Corn futures consolidated gains Wednesday morning. The corn market rallied from short-term moving average support Tuesday. However, the bounce did not carry prices back above their mid-February highs, which is seemingly causing traders to have second thoughts about trying to push the market higher in the days just ahead. News of a sizeable Tuesday corn sale provided modest support. March corn edged up 1.0 cent to $4.5675/bushel late Wednesday morning, while May rose 0.75 to $4.62.

The soy complex is proving decidedly mixed at this point. Talk of the tight U.S. situation and reduced South American production forecasts have been supporting the soy complex, but the bean and meal markets have apparently lost their upward momentum. Beans are trading mixed this morning, whereas oil surged in response to big Asian palm gains. Traders are now concerns about spreading dryness in Southeast Asia. Meal seems to be suffering from its position on the wrong side of the crush spread. March soybeans gained 2.75 cent to $14.0175/bushel in late Wednesday morning action, while March soyoil leapt 0.70 cents to 41.28 cents/pound, and March soymeal dropped $3.9 to $465.7/ton.

The wheat markets turned generally lower Wednesday morning. Traders seem concerned about export demand for U.S. wheat after Egypt’s cancellation Tuesday. One also has to suspect traders are less worried about winter freeze damage to winter wheat after seeing last night’s relatively moderate Midwest lows. March CBOT wheat futures sank 7.25 cents to $6.0775/bushel around midsession Wednesday, while March KCBT wheat futures dipped 3.75 cents to $6.8675, but March MWE futures rallied 2.25 to $6.7625.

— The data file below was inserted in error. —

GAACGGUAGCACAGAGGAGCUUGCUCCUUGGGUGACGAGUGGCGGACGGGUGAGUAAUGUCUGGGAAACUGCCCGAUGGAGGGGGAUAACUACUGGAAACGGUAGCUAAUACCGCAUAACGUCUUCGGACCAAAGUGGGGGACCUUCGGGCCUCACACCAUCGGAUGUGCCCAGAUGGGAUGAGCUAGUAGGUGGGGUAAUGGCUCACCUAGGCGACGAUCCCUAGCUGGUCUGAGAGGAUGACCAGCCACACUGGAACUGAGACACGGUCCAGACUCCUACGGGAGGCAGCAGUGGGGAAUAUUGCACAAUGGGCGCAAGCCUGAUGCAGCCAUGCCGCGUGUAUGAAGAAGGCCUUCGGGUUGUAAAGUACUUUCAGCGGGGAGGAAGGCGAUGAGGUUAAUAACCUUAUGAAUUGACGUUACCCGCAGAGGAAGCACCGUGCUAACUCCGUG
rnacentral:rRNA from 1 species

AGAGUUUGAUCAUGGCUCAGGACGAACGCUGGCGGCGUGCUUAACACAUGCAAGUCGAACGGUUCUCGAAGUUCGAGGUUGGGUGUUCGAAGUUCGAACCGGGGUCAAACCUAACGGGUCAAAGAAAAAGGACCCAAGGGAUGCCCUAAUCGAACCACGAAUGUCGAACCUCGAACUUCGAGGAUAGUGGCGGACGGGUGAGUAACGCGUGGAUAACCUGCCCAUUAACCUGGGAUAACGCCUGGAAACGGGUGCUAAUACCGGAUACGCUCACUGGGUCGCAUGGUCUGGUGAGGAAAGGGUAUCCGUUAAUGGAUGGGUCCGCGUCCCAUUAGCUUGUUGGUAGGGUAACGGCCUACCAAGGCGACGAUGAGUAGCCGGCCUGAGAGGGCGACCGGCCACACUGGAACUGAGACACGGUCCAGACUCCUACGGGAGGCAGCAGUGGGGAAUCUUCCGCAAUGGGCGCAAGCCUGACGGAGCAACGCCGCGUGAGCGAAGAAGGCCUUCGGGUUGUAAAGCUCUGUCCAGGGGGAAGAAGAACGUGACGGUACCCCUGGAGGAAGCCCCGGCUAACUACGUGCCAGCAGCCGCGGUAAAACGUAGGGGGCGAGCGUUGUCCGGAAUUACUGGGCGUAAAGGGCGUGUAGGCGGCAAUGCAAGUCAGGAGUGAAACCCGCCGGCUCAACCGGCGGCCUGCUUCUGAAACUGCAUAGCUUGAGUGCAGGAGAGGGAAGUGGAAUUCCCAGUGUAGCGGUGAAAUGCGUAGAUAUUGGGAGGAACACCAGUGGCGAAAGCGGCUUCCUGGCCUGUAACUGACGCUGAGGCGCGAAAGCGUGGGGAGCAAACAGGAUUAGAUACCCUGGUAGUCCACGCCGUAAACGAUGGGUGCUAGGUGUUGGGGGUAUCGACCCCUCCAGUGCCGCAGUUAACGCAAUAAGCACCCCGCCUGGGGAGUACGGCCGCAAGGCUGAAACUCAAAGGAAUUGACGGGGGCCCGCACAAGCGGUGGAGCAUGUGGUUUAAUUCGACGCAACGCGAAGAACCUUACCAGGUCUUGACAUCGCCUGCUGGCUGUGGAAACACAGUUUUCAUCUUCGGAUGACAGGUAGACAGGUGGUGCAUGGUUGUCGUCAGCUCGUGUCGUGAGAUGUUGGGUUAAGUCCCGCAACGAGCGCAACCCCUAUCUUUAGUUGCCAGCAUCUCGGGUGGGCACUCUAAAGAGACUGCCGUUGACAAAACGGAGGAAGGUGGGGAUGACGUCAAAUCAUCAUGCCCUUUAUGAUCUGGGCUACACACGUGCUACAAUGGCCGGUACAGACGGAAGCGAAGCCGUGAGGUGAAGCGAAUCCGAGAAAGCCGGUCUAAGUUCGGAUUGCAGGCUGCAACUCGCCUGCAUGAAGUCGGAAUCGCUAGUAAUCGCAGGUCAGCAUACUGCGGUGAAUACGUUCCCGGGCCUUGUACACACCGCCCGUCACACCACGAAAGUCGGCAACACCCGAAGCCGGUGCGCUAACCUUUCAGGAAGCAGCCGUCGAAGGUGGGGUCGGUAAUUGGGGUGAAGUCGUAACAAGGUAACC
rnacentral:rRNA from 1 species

Bullish expectations are boosting cattle futures. The wholesale markets built upon Monday’s big gains Tuesday afternoon. Anticipation of that news probably boosted cattle futures. The Chicago market follow through strongly to the upside this morning, thereby suggesting the bulls are now convinced cash prices will rise sharply again this week. April cattle futures had jumped 1.37 cents to 143.77 cents/pound by late Wednesday morning, while August gained 0.50 to 132.17. Meanwhile, March feeder cattle ran up 0.70 cents to 171.77 cents/pound, and May advanced 0.67 to 174.05.

Rising cash and wholesale prices are also powering nearby hog futures. Cash hog and pork prices have surged lately, with strong demand seeming to be a major factor. Traders are looking for much more of the same, especially if/when forthcoming supplies fall short of year-ago levels. However, deferred futures set back by late morning, thereby suggesting underlying weakness. April hogs climbed 0.82 cents to 101.40 cents/pound late Wednesday morning, while June declined 0.42 to 108.52.